The certification is appropriate for all homes — rental apartments, new construction or existing houses — and is intended to help consumers and industry professionals choose the desired level of accessibility in buying, selling or modifying homes. The Lifelong Housing Certification Project helps the marketplace respond to a growing demand for accessible and adaptable homes that promote aging in place safely and independently. At the same time, the certification makes it easier for individuals of all ages to find homes that are suitable for lifelong living and promote the social and economic value of lifelong livability.
The article explains the benefits and value, and the process for homeowners who wish to have their home "certified" (the owner receives a certificate, which can be provided, along with a "checklist to potential buyers. The certification may also be indicated on the local Multiple Listing Service in order to flag the home as being a "lifelong home" and alert potential buyers to ask the home seller or real estate agent for information regarding the home’s certification level.") There are links at the end of the story for those readers who want to learn more.
Pennsylvania attorney Douglas Roeder, who often served as a visiting attorney for my former Elder Protection Clinic, shared with us a detailed Penn Live news article on what the investigative team of writers term "avoidable deaths" in nursing homes and similar care settings. The article begins vividly, with an example from Doylestown in southeastern Pennsylvania:
Claudia Whittaker arrived to find her 92-year-old father still at the bottom of the nursing home's front steps. He was covered by a tarp and surrounded by police tape, but the sight of one of his slim ankles erased any hope it wasn't him. DeWitt Whittaker, a former World War II flight engineer, had dementia and was known to wander. As a result, his care plan required him to be belted into his wheelchair and watched at all times. Early on Sept. 16, 2015, Whittaker somehow got outside the Golden Living home in Doylestown and rolled down the steps to his death.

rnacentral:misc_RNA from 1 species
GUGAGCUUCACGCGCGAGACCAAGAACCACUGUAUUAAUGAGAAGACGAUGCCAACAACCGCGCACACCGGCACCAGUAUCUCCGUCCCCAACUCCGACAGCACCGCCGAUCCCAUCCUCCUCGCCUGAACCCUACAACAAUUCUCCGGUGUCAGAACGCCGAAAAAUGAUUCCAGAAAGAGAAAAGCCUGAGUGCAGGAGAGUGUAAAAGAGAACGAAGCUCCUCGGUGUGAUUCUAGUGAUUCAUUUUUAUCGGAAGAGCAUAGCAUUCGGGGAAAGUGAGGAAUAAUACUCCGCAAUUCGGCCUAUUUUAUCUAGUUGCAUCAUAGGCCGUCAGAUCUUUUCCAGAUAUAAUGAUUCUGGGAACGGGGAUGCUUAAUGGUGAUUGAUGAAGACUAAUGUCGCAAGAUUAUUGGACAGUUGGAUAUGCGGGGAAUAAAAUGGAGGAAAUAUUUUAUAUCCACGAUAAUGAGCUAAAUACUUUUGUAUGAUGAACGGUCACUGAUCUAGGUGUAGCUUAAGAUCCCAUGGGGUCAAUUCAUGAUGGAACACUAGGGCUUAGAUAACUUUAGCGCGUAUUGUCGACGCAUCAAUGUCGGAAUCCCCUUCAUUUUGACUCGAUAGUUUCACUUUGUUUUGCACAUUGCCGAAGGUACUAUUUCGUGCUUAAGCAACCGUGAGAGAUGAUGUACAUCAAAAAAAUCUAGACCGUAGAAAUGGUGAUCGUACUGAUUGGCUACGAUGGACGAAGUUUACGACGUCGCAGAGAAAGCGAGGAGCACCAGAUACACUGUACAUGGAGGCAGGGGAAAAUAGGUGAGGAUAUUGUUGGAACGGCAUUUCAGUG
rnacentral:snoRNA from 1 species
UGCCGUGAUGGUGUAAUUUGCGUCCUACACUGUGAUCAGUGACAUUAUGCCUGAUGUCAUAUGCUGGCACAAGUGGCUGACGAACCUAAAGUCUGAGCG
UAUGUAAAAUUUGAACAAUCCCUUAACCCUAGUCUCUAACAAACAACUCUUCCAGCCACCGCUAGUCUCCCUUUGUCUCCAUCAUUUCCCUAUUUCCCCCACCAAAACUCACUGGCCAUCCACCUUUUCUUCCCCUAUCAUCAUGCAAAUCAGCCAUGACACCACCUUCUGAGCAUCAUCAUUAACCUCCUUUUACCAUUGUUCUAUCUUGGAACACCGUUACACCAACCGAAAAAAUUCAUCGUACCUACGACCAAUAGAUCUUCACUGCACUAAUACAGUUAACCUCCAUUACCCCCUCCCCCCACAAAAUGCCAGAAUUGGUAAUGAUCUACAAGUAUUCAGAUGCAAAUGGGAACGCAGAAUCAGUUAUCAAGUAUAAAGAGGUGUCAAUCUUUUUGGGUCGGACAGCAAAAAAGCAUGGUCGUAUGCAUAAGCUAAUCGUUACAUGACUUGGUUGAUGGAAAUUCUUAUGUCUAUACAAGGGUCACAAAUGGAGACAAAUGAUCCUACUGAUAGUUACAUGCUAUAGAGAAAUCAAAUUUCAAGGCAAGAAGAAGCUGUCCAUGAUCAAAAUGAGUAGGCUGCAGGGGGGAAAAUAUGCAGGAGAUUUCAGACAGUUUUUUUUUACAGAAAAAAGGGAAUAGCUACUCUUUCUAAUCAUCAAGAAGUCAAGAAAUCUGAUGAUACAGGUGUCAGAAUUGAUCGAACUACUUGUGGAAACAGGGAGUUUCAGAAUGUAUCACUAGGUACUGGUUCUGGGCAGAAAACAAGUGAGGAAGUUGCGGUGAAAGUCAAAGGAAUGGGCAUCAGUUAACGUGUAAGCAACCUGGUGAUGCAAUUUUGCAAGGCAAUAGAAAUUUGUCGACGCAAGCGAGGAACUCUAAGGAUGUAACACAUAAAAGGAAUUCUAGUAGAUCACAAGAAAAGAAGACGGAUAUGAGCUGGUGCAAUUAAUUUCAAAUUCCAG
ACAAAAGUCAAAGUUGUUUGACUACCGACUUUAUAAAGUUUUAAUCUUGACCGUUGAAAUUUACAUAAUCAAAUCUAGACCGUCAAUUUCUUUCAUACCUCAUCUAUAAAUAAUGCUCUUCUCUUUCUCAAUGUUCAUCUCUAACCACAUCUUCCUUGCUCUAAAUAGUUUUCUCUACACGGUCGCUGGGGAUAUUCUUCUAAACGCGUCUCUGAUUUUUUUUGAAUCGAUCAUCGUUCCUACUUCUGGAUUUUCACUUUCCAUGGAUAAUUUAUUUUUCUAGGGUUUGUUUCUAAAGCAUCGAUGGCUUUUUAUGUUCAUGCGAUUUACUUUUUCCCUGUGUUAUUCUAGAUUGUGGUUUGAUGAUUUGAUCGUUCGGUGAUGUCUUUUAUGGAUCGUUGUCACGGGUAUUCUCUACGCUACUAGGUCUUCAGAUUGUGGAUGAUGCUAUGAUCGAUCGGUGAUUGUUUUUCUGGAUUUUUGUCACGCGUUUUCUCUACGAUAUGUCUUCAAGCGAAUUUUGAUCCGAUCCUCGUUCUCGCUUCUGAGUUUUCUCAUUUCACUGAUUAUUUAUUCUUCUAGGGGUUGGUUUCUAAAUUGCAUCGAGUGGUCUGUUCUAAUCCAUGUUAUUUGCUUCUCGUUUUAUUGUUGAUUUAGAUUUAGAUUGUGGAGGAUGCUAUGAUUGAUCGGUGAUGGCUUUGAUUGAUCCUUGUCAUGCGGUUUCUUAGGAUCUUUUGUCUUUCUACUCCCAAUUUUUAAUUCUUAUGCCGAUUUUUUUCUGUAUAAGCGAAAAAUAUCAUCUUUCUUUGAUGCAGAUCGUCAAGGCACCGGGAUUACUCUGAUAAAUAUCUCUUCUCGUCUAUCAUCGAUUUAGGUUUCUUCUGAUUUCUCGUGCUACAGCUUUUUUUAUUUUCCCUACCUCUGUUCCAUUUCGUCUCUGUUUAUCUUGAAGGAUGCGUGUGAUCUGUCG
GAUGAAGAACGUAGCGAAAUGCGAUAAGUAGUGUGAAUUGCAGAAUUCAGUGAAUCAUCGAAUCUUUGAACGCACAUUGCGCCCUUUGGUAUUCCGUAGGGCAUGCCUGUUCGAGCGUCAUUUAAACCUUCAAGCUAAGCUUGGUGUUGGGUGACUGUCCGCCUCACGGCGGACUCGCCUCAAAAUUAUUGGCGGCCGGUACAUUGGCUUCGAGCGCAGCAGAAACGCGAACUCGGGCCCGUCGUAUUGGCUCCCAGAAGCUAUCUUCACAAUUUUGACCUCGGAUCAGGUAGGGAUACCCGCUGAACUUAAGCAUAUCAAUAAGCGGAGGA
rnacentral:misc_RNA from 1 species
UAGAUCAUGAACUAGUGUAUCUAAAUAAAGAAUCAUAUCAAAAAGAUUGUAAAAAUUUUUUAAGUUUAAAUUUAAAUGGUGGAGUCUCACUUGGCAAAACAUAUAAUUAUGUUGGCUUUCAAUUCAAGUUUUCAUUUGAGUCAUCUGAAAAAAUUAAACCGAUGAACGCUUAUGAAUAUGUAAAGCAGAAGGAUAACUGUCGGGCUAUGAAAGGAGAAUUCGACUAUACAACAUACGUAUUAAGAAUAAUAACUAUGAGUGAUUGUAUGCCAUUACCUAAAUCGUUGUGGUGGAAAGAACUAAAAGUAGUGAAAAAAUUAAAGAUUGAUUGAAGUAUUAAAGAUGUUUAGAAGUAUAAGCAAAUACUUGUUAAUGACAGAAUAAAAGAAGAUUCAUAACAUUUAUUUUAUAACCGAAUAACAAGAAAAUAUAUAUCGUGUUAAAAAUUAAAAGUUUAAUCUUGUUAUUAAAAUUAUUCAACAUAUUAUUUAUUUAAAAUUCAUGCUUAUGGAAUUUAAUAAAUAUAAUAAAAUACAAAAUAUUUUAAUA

"It wasn't the steps that killed him. But the inattention of staff and their failure to keep him safe," his daughter said.
The article is especially critical of recent data coming from for-profit nursing homes in Pennsylvania, pointing to inadequate staffing as a key factor:
In general, according to PennLive's analysis, Pennsylvania's lowest-rated nursing homes are for-profit facilities. Half of the state's 371 for-profit homes have a one-star or two-star rating – twice the rate of its 299 non-profit nursing homes. The reason for that discrepancy, experts say, isn't complicated: Studies have found that for-profit nursing homes are more likely to cut corners on staffing to maximize profit.
Spokespeople from both the for-profit and nonprofit segments of the industry are quoted in the article and they push back against the investigators' conclusions.
I have to say from my own family experience that while adequate staffing in care settings is extraordinarily important, older residents, even with advanced dementia, often have very strong opinions about what they prefer. My father is in a no restraint dementia-care setting, with a small cottage ("greenhouse") concept and lots of programming and behavioral interventions employed in order to avoid even the mildest of restraints. It was a deliberate choice by the family and my dad walks a lot around the campus and has his favorite benches in sunny spots.
The trade-off for "no restraints" can be higher risk. Residents, including my father, are sometimes stunningly adept at escape from carefully designed "safety"plans, such as those necessary in the summer heat of Arizona. Family members often remain essential members of the care team. For example, this summer I plan my daily visits at the very hottest part of the day, in order to help try to lure my father, a late-in-life sunshine worshiper, back into the cool. I watch the staff members exhaust themselves intervening with other ambulatory and wheelchair residents who are constantly on the move.
None of this "care stuff" is easy, but certainly the Penn Live article paints a strong picture for why better staffing, better financial resources, and more reality-based plans are necessary. For more, read "Failing the Frail." Our thanks to Doug for sharing this good article.
August 3, 2016 in Cognitive Impairment, Consumer Information, Dementia/Alzheimer’s, Elder Abuse/Guardianship/Conservatorship, Ethical Issues, Health Care/Long Term Care, Housing, Medicaid, Medicare, Property Management | Permalink | Comments (0)